Date: Oct 7, 2013 8:19 AM
Author: David Park
Subject: Re: plotting complex functions in (x,y,t) space

Michael,

It is rather difficult to understand what the form of your function is and
what the role of t is. Not understanding that, it is even more difficult to
understand why you are trying to plot it as you describe. Maybe you could
clarify the question.

I sell (for $50) a Mathematica Application, Presentations, which has rather
extensive facilities for plotting complex functions, mostly directly in
terms of a complex variable z. Among other things it has DomainColoring,
which is something like what you describe, along with various coloring
functions and the ability to specify your own coloring. For drawing paths in
the complex plane it has ComplexCurve (suggested by Murray Eisenberg) so,
for example, you could draw a logarithmic spiral by ComplexCurve[Exp[(0.1 +
3 I) t], {t, -12, 6}]. It also has the ability to handle finite numbered
multifunctions.

My feeling is that domain coloring at first sounds great, and makes great
art work, but is not so good at extracting precise information about a
complex function. For one thing, people do not have an intuitive feel for
the coloring functions - whatever they are. Multiple presentations with
dynamic numerical values is usually better. One method that I like is to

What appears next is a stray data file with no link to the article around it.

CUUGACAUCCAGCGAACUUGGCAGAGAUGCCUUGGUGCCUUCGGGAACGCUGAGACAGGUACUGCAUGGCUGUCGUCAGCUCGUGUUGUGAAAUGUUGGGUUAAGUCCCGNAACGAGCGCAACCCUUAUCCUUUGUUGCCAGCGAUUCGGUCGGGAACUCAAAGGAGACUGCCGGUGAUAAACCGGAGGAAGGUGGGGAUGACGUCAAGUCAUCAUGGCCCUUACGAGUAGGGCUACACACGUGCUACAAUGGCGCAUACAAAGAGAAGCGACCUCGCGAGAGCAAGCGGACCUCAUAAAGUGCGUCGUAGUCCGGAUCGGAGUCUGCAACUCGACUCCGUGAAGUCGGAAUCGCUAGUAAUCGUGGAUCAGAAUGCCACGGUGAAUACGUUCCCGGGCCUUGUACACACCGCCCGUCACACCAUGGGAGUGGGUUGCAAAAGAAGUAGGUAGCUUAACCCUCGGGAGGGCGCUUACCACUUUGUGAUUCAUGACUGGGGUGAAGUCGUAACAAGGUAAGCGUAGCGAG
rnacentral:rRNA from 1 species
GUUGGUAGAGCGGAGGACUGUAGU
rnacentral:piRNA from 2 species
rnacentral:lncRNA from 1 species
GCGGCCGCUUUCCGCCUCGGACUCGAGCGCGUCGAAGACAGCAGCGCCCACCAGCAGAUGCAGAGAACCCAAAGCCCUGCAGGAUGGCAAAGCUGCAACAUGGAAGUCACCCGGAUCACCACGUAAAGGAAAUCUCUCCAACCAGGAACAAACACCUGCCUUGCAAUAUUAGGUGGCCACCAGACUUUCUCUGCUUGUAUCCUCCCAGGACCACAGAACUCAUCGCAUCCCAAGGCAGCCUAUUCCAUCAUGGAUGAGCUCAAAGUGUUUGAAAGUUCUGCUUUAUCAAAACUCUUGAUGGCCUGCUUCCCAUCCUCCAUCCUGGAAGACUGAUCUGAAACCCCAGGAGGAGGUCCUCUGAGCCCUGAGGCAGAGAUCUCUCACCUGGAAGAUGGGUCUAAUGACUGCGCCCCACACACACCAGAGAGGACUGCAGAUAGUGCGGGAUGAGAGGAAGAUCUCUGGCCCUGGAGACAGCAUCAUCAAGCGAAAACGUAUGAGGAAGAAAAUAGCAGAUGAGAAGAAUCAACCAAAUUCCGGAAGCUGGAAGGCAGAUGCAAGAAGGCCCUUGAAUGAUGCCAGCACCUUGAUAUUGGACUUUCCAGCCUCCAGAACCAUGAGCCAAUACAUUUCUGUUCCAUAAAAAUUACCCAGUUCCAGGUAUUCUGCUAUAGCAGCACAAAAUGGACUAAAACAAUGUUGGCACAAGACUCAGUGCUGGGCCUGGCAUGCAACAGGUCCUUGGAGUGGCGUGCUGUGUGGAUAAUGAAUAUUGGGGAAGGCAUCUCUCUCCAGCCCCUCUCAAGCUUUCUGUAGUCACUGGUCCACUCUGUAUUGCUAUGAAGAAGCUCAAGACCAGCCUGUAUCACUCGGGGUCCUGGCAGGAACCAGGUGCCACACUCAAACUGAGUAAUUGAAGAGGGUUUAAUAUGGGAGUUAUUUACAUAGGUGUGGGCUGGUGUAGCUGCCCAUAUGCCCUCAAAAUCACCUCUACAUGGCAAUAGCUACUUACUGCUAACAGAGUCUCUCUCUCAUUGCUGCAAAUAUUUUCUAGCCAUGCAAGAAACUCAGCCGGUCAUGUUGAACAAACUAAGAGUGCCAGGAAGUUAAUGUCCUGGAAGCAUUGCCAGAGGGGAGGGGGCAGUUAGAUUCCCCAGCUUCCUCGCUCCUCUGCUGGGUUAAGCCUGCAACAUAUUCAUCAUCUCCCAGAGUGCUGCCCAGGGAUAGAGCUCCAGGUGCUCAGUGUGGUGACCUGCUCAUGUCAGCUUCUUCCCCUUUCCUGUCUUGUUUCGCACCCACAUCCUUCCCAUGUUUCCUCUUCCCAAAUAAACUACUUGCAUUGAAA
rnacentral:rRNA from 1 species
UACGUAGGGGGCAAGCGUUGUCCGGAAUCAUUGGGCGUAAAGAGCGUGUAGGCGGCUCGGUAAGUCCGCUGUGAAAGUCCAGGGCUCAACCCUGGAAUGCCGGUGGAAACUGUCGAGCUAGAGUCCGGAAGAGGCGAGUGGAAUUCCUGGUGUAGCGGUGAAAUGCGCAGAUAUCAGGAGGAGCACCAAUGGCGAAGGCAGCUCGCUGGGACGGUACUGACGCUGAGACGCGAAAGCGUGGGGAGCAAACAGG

drag a single locator around the complex plane, perhaps with a background
showing modulus, and attach an arrow to the locator representing the complex
value at that point. In a sense this is a local 4-D display because the
plane provides two dimensions and the arrow provides two more. If you
combine this with dynamic display of the numerical values you can explore
the space and extract precise information. It even works for a
multi-function where you can smoothly transition from one branch to another.


David Park
djmpark@comcast.net
http://home.comcast.net/~djmpark/index.html



From: Michael B. Heaney [mailto:mheaney@alum.mit.edu]


Hi,

I'd like to plot, on [x,y,t] axes, a complex function F[x,y,t], with the
magnitude of F represented by opacity, and the phase of F represented by
color. Does anyone have suggestions on how best to do this?

Thanks,

Michael